A study released this year by CIBC and Urbanation revealed that a significant portion of investors who are renting out their new condominium apartment units in the Greater Toronto Area (GTA) are cash-flow negative, and people are questioning whether investing in new condos still makes sense. With unprecedented new condo price growth, a record number of new high-rise apartments under construction, rising interest rates, a foreign buyers’ tax, rent control, and a higher minimum wage putting upward pressure on monthly condo fees, what will be the straw that breaks the condo investor’s back?
First, some context. Condo investment activity in the GTA has been on the rise for well over a decade. In 2006, it was estimated that about 20 per cent of units in many new projects were being purchased for investment purposes, and not by buyers looking to live in the suites themselves.
The reasons that developers, sales and marketing managers, on-site presentation centre staff, and VIP brokers gave then for why condo investment activity was increasing are very similar to the ones given today: the Greenbelt and Places to Grow Act will restrict single-family development, pushing buyers and tenants into ownership and rental apartments; longer commutes will force people downtown; a desire to be more environmentally friendly, coupled with high automobile-related costs, will cause young people to ditch their cars and live closer to work; the downtown’s revitalization will bring new restaurants, bars, cultural institutions, and entertainment venues, which are all attractive amenities that people want to be close to.
Many investors simply viewed themselves as middle men, willing to tie up their money for several years, accept the pre-construction risk, and take advantage of real estate market appreciation (without having a mortgage). The younger generation, with its desire for instant gratification, didn’t want to put 15 per cent to 20 per cent down on a new condo and wait three to four years to take occupancy, they’d rather buy a resale condo with five per cent down and move in less than 60 days.
A major correction in the financial markets in 2008 and 2009 was another catalyst that impacted the market. Private investors, upset with stock market volatility, doubled down on hard assets. With low interest rates, a lack of purpose-built rental apartment construction, and high tenant demand, the “private landlord” market exploded, with many investors purchasing with the intent of renting the units out at completion.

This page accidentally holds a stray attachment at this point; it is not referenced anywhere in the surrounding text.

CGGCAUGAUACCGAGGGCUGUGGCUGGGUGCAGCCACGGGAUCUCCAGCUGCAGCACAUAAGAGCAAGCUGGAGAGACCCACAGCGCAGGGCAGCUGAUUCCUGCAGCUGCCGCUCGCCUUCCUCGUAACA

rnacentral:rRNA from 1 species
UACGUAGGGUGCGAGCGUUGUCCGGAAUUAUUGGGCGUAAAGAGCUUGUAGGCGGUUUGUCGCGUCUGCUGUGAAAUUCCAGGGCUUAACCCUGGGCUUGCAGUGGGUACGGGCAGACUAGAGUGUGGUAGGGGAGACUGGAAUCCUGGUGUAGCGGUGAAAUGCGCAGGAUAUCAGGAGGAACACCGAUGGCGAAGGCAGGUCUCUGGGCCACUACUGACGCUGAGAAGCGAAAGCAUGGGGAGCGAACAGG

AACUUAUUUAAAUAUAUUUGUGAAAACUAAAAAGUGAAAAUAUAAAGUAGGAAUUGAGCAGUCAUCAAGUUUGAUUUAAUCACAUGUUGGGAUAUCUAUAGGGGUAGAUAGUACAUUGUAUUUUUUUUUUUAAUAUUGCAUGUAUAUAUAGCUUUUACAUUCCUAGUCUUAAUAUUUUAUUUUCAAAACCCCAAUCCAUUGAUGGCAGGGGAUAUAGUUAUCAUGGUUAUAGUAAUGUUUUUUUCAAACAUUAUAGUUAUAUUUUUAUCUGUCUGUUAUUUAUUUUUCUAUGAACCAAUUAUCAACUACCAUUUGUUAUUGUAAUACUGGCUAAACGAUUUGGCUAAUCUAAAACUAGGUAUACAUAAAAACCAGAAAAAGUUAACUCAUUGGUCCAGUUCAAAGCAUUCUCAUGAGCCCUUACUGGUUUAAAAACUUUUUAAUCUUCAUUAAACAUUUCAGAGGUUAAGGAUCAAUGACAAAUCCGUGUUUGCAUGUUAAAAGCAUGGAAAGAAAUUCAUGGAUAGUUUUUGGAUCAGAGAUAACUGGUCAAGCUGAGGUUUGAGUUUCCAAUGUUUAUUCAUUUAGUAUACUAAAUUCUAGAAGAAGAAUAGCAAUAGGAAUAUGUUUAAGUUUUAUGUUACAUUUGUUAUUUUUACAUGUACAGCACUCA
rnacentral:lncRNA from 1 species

By 2011, investors were purchasing 60 per cent to 70 per cent of all new condos in the GTA, and up to 90 per cent of units in many prime downtown locations. Nearly 28,000 new condo suites sold that year, more than double the total from two years earlier.
However, by the middle of 2012, investor sentiment had soured due to the constant media focus on the sector, the ubiquitous talk of oversupply, overvaluation, and foreign money, plus the habitually repeated theory that investors would all cash out at the same time and crash the market. As a result, new condo sales were very slow in 2013 and 2014 (and the market felt the delayed impact of fewer pre-construction sales in those years with a major lack of supply in 2017).
The 2015 market showed that the GTA could survive a major increase in new condo supply, as prices still increased (albeit more moderately), condo rents went up slightly, and the forecasted major speculative sell-off was avoided. Investors have not looked back since that time, setting new condo sales records in both 2016 and 2017.
Although a significant portion of investors who are renting out new condo units in the GTA are cash-flow negative as of 2018, it will likely take a major decline in resale condo prices to halt condo investors’ bullish outlook on Toronto real estate. Given that average GTA resale condo prices are even higher in 2018 in comparison to values in the bubbly 2017 market, this real estate consultant is willing to guess that major downward price pressure won’t be felt until at least late 2020, when investors start closing on the higher-priced suites bought in 2016.
By 2021, it will be clear whether the condo investor window has closed. When it does, it could mark the end of the unique set of circumstances that led to one of the longest and most successful high-rise markets in the history of North American real estate.
Ben Myers is the president of Bullpen Research & Consulting Inc. He produces market demand reports and residential pricing recommendation studies for builders, lenders and landowners in Toronto and Ottawa. He assists in the underwriting and due diligence of real estate development opportunities from a revenue and land value perspective. Find him on Twitter at @BullpenConsult